Sunday, 28 July 2013

It's raspberry time!

I have not written for a while about the allotment, as Kew is taking up most of my time, energies and generally most of my thoughts... However, although it is the case that I am not doing as much as I would like to (isn't that the case every year?!?), I am growing, picking and weeding as much as any other time, and I have quite a few crops at different stages of growth.

And - I want to mention - I am particularly grateful to self-seeders this year: tree spinach (Chenopodium giganteum), some of last year's potatoes, chamomile (Matricaria recutita) which are providing me with unexpected and much welcomed extra crops.

But, back to my reason for writing: it's raspberry time again. That time of the year when you cannot keep up with picking them, every couple of days you get four punnets and cannot take any more... because you have:

  • eaten them raw, 
  • frozen them (they do freeze well: rinse, pat dry and place on a freezer tray one by one, then once they are frozen they can go in a tupperware for later use); 
  • made compote (I do not feel like making jam at the moment, too time consuming, but compote is easier: rinsed fruits, sugar - not as much as for jam - some lemon juice and cook until soft, then put in a jar in the fridge) and spread it on homemade bread.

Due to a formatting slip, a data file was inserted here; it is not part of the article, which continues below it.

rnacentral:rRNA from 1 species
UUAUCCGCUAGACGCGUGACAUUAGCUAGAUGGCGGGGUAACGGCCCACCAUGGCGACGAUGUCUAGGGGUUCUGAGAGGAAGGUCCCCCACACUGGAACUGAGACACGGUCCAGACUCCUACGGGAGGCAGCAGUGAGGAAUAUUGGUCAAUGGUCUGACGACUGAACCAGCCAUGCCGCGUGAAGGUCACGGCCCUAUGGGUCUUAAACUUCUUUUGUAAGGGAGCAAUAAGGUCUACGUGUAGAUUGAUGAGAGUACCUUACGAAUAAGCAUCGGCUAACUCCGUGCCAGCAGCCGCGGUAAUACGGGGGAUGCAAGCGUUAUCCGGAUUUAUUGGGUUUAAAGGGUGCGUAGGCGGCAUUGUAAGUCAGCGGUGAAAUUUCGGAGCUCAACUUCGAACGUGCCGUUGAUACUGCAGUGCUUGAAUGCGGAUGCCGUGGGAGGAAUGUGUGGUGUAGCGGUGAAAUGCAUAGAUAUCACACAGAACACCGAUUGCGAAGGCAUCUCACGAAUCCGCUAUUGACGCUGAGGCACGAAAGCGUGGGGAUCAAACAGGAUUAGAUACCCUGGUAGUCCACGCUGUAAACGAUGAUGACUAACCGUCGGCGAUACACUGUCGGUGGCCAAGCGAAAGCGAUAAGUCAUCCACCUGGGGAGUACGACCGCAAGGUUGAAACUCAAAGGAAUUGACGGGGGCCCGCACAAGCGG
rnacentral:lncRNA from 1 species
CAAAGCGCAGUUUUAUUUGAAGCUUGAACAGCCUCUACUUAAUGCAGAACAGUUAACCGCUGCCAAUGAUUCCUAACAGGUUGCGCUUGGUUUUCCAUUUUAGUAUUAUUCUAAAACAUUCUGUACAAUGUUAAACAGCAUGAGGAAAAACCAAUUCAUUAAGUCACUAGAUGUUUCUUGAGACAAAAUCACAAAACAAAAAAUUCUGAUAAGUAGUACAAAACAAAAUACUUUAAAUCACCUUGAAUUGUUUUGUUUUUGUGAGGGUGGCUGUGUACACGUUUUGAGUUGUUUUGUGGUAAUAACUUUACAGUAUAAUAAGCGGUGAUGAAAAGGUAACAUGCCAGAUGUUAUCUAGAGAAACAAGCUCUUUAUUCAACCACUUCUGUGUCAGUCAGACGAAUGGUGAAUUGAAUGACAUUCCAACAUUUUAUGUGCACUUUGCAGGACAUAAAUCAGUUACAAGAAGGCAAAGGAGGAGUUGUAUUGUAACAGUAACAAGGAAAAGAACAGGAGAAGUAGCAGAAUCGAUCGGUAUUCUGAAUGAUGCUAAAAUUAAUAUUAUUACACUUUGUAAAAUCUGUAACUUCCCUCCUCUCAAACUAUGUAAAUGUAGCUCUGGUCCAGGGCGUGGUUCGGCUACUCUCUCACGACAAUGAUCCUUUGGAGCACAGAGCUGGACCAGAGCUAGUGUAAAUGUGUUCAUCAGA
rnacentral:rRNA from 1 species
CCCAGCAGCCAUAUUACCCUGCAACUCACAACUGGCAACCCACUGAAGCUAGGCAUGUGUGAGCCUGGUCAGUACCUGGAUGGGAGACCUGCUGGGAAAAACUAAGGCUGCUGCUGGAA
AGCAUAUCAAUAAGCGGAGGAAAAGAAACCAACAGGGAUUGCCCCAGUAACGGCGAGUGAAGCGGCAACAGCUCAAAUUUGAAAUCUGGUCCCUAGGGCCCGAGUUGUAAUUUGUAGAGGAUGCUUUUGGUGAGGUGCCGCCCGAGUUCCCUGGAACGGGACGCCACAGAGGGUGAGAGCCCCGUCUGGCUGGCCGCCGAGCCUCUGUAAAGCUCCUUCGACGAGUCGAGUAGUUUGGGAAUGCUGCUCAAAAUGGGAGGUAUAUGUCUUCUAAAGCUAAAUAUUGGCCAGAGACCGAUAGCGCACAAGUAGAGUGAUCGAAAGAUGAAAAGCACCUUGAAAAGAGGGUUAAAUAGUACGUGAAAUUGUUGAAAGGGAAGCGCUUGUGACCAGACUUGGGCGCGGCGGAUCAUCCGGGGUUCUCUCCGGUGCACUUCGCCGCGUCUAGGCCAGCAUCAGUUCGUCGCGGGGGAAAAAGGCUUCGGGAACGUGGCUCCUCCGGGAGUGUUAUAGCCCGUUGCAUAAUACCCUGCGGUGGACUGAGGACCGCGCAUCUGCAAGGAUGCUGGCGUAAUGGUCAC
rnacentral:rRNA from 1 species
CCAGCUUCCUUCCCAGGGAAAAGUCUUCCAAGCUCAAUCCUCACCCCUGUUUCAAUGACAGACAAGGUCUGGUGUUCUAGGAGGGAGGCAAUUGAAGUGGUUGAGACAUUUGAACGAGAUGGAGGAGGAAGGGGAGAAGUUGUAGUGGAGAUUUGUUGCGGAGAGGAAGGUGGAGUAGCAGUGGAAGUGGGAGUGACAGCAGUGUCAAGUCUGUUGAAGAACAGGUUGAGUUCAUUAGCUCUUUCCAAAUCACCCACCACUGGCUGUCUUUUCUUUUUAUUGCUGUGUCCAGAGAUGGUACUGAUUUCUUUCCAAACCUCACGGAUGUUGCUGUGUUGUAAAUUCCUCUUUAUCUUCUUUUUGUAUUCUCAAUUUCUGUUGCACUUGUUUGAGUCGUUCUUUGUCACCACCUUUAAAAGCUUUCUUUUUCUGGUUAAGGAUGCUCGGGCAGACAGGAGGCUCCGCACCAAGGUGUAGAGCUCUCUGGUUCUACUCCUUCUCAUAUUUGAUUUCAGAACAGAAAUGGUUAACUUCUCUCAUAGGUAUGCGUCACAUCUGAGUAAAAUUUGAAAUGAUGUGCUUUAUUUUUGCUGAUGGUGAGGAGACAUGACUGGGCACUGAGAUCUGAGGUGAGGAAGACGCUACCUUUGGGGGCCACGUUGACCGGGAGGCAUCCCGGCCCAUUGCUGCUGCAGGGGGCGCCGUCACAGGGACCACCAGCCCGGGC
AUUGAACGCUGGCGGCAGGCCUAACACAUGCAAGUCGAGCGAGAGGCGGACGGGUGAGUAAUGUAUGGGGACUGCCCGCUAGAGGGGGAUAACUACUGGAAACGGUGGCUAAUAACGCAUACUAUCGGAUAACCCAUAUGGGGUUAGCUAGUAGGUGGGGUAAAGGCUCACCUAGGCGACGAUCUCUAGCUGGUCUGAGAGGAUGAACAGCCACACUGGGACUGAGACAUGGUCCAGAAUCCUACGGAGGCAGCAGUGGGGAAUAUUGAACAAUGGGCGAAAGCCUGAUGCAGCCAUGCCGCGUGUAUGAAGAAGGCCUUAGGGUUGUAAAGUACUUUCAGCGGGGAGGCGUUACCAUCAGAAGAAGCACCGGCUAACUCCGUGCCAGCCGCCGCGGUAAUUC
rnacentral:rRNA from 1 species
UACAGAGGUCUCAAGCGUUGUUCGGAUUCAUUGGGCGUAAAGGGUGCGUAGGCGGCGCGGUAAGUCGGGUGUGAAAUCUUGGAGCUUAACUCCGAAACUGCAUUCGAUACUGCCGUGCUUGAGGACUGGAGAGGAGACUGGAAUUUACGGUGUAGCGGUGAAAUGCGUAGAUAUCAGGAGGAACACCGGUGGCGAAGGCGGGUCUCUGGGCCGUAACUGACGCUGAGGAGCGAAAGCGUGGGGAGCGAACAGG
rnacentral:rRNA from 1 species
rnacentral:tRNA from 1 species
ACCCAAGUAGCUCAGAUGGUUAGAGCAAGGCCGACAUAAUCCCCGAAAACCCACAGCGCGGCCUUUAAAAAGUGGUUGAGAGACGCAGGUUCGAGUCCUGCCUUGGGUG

Then I got an inspiration: put them into my muffins, of which I eat two a day for breakfast, to keep my gardening going.

So here is my usual muffin recipe, adapted for raspberries. Makes 6-10 depending on the size of your moulds (I use silicone ones).

Raspberry and coconut muffins

Dry mix

400 gr plain flour (I sometime mix plain flour with up to 150 gr of wholewheat or whole spelt)
3 tsp dried yeast
3 gr bicarbonate of soda
75 g dessicated coconut

Wet mix

2 medium eggs, lightly beaten
300 ml double cream (sometimes I use a 225 ml tub then add more olive oil)/greek yogurt is an alternative
a glug of olive oil
1/2 tin coconut milk
250 g sugar

Prepare the dry and wet mix separately, then pour them together and stir well. If the dough is too dry, you can add a splash of whole milk. Add enough raspberries (maybe 200-250 gr, enough to get them in all muffins, but not too many that would get the muffin soggy) and fold them in, taking care not to squash them.

Pour in the moulds and bake at 180C (no fan) for 45-50 mins.


Friday, 26 July 2013

Droughts, goodbyes and Physocarpuses (Week 16, Friday)

It seems that most horticultural traineeships/apprenticeships are applied to in January for an August start. That means that July in the final month for the participants in the schemes and today three of our trainees have gone. I will miss them, we had a good time together!

Other than that, today too I've been working hard on the stock-checking project, for as much as it is compatible with watering in this prolonged drought.

As I mentioned before, I work over 6 beds, maybe 100sqm each, arranged as a square and on all the trees that are enclosed by them. Hose pipes are quite heavy to carry around, let alone the sprinklers, and as you know I have been on my own this week; besides, I have had no use of the tractor of late. 

Watering entails that you put down all the sprinklers in the morning...